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    Or maybe we are in a worst-case scenario...

    Quote Originally Posted by ComradeOm
    The logical conclusion was that only action from the lower classes could succeed in creating a democratic republic. Piscane's theories came to little in his lifetime but this was the first explicit theoretical connection between Italian republicanism and class politics.
    Those two sentences leave open the very real possibility of a democratic republic being founded in Italy at some point, and from the looks of it, the Papacy may be too absolutist to revert to democracy within the span of a generation.

    On the other hand, the Papal States are strong, and have proven they were more than willing to exercise their strength. It could prove a bane on the Papacy in the end; they might resist the initial onslaught by the Two Sicilies or Sardinia-Piedmont, but the first means having to wage war on two fronts, and the second war on a front manned by both France and Sardinia-Piedmont. Staying on the defence may well allow the Pope to win the first rounds, but the Papacy's economy does not look like it can bear the brunt of a prolonged war. The French-Prussian war could bring respite to the Papal States, but once it is past, the French and whichever ally is theirs enjoys the full advantage of a much stronger economy to pay for their armies, and could win either by sheer attrition, or maybe even by... bankruptcy. A prolonged war could very well ruin the Papal States and make them collapse without a real need for military success.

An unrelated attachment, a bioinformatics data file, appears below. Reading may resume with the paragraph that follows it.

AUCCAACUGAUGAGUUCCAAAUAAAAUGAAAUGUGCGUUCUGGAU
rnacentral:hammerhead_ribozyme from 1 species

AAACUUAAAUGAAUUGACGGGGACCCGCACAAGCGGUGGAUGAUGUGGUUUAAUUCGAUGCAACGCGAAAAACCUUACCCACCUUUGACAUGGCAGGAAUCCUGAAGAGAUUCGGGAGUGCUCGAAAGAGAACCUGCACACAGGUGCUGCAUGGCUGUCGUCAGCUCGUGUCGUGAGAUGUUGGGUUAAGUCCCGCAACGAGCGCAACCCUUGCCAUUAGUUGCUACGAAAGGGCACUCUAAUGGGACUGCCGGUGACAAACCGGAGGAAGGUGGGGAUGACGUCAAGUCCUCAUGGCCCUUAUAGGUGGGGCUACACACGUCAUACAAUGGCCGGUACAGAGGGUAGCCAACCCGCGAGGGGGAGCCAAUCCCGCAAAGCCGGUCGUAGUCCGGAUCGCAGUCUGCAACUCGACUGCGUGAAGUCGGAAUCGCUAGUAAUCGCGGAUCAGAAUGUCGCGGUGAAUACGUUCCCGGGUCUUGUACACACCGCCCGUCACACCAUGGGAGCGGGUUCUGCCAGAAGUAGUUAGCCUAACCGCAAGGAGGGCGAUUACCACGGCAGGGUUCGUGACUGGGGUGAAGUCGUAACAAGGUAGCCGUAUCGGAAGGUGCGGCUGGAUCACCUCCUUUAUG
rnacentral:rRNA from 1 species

But then, I'm wandering in the realm of possibles here; the actual story has yet to be told, and it looks like it'll be a most interesting one.
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    Definitely tricky, and you have to make sure France stays on your side.
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  15. #55
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    I could have swore I've posted in this AAR already...

    Excelent stuff so far.
    Am I correct in that you don't have any control over who France picks in the unification event?
    I don't think the event factors relations in it does it?

    If that's the case, then the situation could get ugly for the Pope, as the AI hardly never chooses the Papal States (at least in single player games).

    Next update should be interesting...
    Last edited by Quirinus308; 17-10-2007 at 20:45.
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  16. #56
    Things seem to be coming to a head as regards the Italian question. Perhaps the Pope's best bet would be to force the issue asap- sounds like French support for a Guelph rather than Savoy Italy can't get much stronger, and it seems unlikely that any Italian faction could beat the Austrians without N3's help...